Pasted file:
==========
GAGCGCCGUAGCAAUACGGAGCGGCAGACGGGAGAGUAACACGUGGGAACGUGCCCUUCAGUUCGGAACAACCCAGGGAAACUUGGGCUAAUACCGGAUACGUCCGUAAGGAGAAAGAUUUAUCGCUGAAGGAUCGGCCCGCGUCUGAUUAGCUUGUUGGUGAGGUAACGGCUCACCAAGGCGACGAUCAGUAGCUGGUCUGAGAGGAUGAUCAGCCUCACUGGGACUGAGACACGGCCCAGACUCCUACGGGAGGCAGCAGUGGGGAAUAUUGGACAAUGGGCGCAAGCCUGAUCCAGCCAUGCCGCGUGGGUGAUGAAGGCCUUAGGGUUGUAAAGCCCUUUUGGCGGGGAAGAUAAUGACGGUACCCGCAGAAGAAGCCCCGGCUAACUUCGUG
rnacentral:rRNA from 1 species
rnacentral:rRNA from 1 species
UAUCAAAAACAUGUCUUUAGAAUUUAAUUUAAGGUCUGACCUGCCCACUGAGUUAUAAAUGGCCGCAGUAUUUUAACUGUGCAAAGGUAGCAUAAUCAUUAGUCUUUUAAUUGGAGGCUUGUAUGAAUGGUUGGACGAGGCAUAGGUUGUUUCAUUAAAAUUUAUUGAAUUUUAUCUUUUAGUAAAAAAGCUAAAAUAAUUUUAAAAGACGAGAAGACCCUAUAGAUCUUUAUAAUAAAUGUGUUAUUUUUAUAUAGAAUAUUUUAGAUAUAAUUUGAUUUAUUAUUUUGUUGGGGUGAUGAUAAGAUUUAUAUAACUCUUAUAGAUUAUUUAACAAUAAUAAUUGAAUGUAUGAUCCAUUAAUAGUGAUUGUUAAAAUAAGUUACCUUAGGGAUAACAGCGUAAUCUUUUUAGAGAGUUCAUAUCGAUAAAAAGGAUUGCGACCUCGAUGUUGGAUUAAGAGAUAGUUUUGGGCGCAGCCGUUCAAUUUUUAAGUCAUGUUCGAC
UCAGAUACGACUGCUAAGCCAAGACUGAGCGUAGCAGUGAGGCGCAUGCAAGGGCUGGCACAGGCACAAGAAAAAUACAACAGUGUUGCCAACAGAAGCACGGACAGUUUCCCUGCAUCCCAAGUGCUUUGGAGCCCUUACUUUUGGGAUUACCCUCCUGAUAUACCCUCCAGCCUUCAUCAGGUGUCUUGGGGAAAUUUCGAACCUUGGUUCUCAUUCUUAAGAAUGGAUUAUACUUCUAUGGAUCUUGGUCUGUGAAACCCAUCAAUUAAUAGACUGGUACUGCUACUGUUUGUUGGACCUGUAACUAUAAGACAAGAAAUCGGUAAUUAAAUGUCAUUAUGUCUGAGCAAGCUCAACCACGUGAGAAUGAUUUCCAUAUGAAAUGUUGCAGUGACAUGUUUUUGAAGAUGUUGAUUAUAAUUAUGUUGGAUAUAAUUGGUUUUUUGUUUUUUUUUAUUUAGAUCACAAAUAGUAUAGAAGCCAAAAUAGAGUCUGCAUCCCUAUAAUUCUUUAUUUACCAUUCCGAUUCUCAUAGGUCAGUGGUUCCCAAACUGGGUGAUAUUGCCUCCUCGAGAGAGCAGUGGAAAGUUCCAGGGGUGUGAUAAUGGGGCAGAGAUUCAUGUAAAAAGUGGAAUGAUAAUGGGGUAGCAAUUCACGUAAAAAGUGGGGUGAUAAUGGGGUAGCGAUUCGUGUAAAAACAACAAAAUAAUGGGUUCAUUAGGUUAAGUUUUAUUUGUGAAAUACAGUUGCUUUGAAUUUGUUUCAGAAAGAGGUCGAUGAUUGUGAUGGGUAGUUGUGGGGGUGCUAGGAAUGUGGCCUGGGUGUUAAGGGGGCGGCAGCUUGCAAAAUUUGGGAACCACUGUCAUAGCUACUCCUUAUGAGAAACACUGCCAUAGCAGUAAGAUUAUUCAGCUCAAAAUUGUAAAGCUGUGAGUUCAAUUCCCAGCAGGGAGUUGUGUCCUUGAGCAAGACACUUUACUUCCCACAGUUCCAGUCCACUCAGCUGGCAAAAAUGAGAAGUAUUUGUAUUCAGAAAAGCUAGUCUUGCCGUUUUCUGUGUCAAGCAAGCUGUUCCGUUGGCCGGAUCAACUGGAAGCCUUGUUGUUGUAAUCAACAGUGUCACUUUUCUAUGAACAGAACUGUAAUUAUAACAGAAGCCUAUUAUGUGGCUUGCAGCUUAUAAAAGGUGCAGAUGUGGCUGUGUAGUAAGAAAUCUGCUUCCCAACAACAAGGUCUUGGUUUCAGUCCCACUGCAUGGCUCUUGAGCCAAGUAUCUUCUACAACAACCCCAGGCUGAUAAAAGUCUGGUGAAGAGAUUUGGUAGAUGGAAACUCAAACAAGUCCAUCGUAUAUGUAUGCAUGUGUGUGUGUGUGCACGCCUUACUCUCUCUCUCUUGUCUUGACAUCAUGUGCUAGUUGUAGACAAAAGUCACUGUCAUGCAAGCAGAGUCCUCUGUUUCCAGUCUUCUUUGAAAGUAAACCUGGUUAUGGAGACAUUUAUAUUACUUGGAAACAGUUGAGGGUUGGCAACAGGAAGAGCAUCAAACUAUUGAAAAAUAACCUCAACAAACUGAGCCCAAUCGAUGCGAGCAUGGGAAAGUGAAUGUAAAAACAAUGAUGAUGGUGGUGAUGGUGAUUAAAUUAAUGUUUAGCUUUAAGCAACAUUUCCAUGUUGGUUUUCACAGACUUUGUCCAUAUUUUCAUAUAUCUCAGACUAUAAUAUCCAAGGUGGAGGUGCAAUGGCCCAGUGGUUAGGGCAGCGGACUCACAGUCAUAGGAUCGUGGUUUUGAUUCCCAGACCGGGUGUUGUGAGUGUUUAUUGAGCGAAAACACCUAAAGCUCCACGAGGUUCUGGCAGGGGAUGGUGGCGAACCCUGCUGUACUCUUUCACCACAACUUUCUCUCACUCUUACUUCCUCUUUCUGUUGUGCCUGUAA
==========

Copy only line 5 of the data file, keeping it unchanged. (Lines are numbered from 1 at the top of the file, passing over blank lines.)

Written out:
UCAGAUACGACUGCUAAGCCAAGACUGAGCGUAGCAGUGAGGCGCAUGCAAGGGCUGGCACAGGCACAAGAAAAAUACAACAGUGUUGCCAACAGAAGCACGGACAGUUUCCCUGCAUCCCAAGUGCUUUGGAGCCCUUACUUUUGGGAUUACCCUCCUGAUAUACCCUCCAGCCUUCAUCAGGUGUCUUGGGGAAAUUUCGAACCUUGGUUCUCAUUCUUAAGAAUGGAUUAUACUUCUAUGGAUCUUGGUCUGUGAAACCCAUCAAUUAAUAGACUGGUACUGCUACUGUUUGUUGGACCUGUAACUAUAAGACAAGAAAUCGGUAAUUAAAUGUCAUUAUGUCUGAGCAAGCUCAACCACGUGAGAAUGAUUUCCAUAUGAAAUGUUGCAGUGACAUGUUUUUGAAGAUGUUGAUUAUAAUUAUGUUGGAUAUAAUUGGUUUUUUGUUUUUUUUUAUUUAGAUCACAAAUAGUAUAGAAGCCAAAAUAGAGUCUGCAUCCCUAUAAUUCUUUAUUUACCAUUCCGAUUCUCAUAGGUCAGUGGUUCCCAAACUGGGUGAUAUUGCCUCCUCGAGAGAGCAGUGGAAAGUUCCAGGGGUGUGAUAAUGGGGCAGAGAUUCAUGUAAAAAGUGGAAUGAUAAUGGGGUAGCAAUUCACGUAAAAAGUGGGGUGAUAAUGGGGUAGCGAUUCGUGUAAAAACAACAAAAUAAUGGGUUCAUUAGGUUAAGUUUUAUUUGUGAAAUACAGUUGCUUUGAAUUUGUUUCAGAAAGAGGUCGAUGAUUGUGAUGGGUAGUUGUGGGGGUGCUAGGAAUGUGGCCUGGGUGUUAAGGGGGCGGCAGCUUGCAAAAUUUGGGAACCACUGUCAUAGCUACUCCUUAUGAGAAACACUGCCAUAGCAGUAAGAUUAUUCAGCUCAAAAUUGUAAAGCUGUGAGUUCAAUUCCCAGCAGGGAGUUGUGUCCUUGAGCAAGACACUUUACUUCCCACAGUUCCAGUCCACUCAGCUGGCAAAAAUGAGAAGUAUUUGUAUUCAGAAAAGCUAGUCUUGCCGUUUUCUGUGUCAAGCAAGCUGUUCCGUUGGCCGGAUCAACUGGAAGCCUUGUUGUUGUAAUCAACAGUGUCACUUUUCUAUGAACAGAACUGUAAUUAUAACAGAAGCCUAUUAUGUGGCUUGCAGCUUAUAAAAGGUGCAGAUGUGGCUGUGUAGUAAGAAAUCUGCUUCCCAACAACAAGGUCUUGGUUUCAGUCCCACUGCAUGGCUCUUGAGCCAAGUAUCUUCUACAACAACCCCAGGCUGAUAAAAGUCUGGUGAAGAGAUUUGGUAGAUGGAAACUCAAACAAGUCCAUCGUAUAUGUAUGCAUGUGUGUGUGUGUGCACGCCUUACUCUCUCUCUCUUGUCUUGACAUCAUGUGCUAGUUGUAGACAAAAGUCACUGUCAUGCAAGCAGAGUCCUCUGUUUCCAGUCUUCUUUGAAAGUAAACCUGGUUAUGGAGACAUUUAUAUUACUUGGAAACAGUUGAGGGUUGGCAACAGGAAGAGCAUCAAACUAUUGAAAAAUAACCUCAACAAACUGAGCCCAAUCGAUGCGAGCAUGGGAAAGUGAAUGUAAAAACAAUGAUGAUGGUGGUGAUGGUGAUUAAAUUAAUGUUUAGCUUUAAGCAACAUUUCCAUGUUGGUUUUCACAGACUUUGUCCAUAUUUUCAUAUAUCUCAGACUAUAAUAUCCAAGGUGGAGGUGCAAUGGCCCAGUGGUUAGGGCAGCGGACUCACAGUCAUAGGAUCGUGGUUUUGAUUCCCAGACCGGGUGUUGUGAGUGUUUAUUGAGCGAAAACACCUAAAGCUCCACGAGGUUCUGGCAGGGGAUGGUGGCGAACCCUGCUGUACUCUUUCACCACAACUUUCUCUCACUCUUACUUCCUCUUUCUGUUGUGCCUGUAA